NYSCAS Students Aim to Persuade at Speech Contest
25th Contest Brings Together Diverse Student Body
Should America have stricter gun control laws? Is extreme dieting positive? Why should we fund NASA?
These were some of the topics that were addressed during New York School of Career and Applied Studies 25th Speech Contest, organized by the Richard Green Communication Club on May 1. Students from all of NYSCAS’s campuses journeyed to the 23rd street location to compete for prizes and bragging rights.
Student Sara Wilhem had another motivation for attending.
“I have a big fear of public speaking,” said Wilhelm. “I wanted to prove to myself I could do it.”
The competition was open to all students though several speakers had been nominated to deliver speeches on behalf of their classes. This year’s competition was different than last year, explained Professor Hal Wicke, Deputy Chair of the NYSCAS Communications Department, as students were required to mount a 5-7-minute speech aiming to persuade their fellow college students of an issue. (Last year students were required to deliver an informative speech.) Students were able to use speeches they had prepared in one of three basic communication classes they took as a graduation requirement.
“We’re giving as many students as possible the experience of learning how to communicate consciously,” said Professor Wicke. “We want our students to be aware of their position and then be able to defend it.”
Students were judged by a panel of faculty members. Points were awarded based on the organization of the speech; the content; and the delivery (eye-contact, gestures and posture). Communication Professor Gena Bardwell, Director of General Education, served as emcee.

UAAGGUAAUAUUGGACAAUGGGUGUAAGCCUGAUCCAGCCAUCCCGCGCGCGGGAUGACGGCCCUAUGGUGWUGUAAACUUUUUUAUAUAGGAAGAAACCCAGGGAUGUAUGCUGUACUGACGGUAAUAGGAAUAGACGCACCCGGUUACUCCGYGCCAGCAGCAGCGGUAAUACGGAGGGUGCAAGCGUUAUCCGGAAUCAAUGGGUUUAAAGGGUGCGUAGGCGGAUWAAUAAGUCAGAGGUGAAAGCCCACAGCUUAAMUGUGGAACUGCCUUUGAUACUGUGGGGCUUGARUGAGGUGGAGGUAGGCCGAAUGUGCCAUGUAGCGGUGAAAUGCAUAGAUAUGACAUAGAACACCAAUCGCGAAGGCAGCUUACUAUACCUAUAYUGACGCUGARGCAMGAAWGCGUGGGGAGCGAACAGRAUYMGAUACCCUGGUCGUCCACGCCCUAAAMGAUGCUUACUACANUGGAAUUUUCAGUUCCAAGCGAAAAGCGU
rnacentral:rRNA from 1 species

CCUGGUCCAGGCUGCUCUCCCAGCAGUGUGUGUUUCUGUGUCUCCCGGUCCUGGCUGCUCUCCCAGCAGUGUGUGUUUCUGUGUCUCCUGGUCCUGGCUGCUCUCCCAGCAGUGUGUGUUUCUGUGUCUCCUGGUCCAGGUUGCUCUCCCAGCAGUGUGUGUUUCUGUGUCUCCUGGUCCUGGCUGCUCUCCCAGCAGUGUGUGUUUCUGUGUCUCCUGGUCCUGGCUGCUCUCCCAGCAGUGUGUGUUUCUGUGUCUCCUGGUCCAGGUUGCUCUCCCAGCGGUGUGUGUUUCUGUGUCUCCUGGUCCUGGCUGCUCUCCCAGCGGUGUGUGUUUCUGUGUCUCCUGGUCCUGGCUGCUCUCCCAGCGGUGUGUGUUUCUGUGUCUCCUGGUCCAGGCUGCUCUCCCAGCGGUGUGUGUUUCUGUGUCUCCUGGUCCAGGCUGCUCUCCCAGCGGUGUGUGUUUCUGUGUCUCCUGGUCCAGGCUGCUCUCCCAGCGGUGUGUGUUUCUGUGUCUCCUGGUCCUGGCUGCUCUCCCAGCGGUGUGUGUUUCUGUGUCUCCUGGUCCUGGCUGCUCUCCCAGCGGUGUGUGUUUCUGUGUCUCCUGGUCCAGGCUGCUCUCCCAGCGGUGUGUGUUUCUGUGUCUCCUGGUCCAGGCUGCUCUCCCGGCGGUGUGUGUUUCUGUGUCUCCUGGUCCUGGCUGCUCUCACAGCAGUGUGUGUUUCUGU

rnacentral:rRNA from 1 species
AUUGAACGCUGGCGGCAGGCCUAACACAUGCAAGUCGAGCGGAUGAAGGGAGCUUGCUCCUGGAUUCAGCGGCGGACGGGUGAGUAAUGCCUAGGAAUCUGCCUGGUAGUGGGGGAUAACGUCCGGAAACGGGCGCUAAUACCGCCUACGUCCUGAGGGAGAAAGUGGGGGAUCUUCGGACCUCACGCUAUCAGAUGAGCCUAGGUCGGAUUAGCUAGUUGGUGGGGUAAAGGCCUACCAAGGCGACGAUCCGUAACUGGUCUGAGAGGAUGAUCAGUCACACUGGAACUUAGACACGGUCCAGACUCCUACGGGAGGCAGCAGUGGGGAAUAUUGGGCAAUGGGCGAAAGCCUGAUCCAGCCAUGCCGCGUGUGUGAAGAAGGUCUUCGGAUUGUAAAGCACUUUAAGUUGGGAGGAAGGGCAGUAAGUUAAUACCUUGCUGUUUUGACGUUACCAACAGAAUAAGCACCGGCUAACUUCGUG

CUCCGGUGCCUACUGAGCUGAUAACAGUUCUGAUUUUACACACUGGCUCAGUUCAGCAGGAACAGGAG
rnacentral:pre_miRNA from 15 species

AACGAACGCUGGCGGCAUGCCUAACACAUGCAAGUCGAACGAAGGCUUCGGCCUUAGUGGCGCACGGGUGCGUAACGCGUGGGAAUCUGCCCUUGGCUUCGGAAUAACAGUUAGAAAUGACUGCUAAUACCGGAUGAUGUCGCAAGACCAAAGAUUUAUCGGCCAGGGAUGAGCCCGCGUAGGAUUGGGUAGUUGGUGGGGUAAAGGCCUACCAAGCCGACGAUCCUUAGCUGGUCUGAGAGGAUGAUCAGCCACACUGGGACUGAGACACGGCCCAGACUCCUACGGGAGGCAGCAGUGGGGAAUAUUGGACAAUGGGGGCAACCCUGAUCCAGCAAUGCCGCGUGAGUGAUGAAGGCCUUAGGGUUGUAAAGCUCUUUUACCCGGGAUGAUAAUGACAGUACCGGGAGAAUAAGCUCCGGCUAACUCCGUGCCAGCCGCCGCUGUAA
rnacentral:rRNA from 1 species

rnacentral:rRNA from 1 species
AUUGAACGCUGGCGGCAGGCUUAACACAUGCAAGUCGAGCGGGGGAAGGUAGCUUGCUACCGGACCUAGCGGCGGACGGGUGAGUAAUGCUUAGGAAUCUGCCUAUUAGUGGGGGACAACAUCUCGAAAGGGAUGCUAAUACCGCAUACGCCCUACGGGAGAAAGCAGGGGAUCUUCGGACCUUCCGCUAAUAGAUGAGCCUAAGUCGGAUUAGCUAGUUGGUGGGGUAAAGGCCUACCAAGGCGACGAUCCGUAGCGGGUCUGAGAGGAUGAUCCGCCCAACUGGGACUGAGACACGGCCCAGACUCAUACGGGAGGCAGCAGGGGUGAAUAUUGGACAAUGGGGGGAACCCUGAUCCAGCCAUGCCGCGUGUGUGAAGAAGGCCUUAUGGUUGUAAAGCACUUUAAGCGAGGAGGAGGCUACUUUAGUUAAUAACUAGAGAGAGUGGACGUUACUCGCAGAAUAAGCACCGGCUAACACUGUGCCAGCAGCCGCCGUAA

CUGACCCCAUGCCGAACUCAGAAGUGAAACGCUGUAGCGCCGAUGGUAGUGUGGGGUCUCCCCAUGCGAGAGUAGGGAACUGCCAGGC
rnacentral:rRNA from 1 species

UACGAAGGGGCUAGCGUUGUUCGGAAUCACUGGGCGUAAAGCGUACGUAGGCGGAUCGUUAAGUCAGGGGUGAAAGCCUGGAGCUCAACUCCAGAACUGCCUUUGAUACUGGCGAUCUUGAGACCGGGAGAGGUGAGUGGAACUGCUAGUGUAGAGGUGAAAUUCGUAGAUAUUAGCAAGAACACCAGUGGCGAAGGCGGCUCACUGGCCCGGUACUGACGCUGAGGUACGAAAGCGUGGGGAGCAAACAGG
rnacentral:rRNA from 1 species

Professor George Backinoff said that the goal, aside from allowing students to practice their public speaking skills, was to augment the sense of community at NYSCAS.
“This club gives people an after-class activity to attend,” he said.
Perhaps the best turn-of-phrase belonged to student Lyba Pinson who spoke about banning books. (She was a finalist. Pinson used her own experience as an example: she thought Catcher in the Rye was immoral but didn’t believe it should be banned).
“Banning books is like banning thoughts we don’t like,” she said, “It doesn’t work and it causes more harm than good.”
David Lowinger began his speech with an audio of a school shooting; Mary Johnson spoke about her own experience in a lawless neighborhood of Jamaica.
“Would you rather have your child be secretly responsible or prematurely pregnant?” asked Evelin Savnitser during her speech arguing in favor of not requiring parental permission for birth control.
While Wilhem might not have totally conquered her fear of public speaking, she did emerge as the first-place winner in the competition for her speech on the negative effects of dieting; Shterna Haller won second place for her speech on the evils of social media; and Mary Johnson took third place for her speech in favor of gun rights.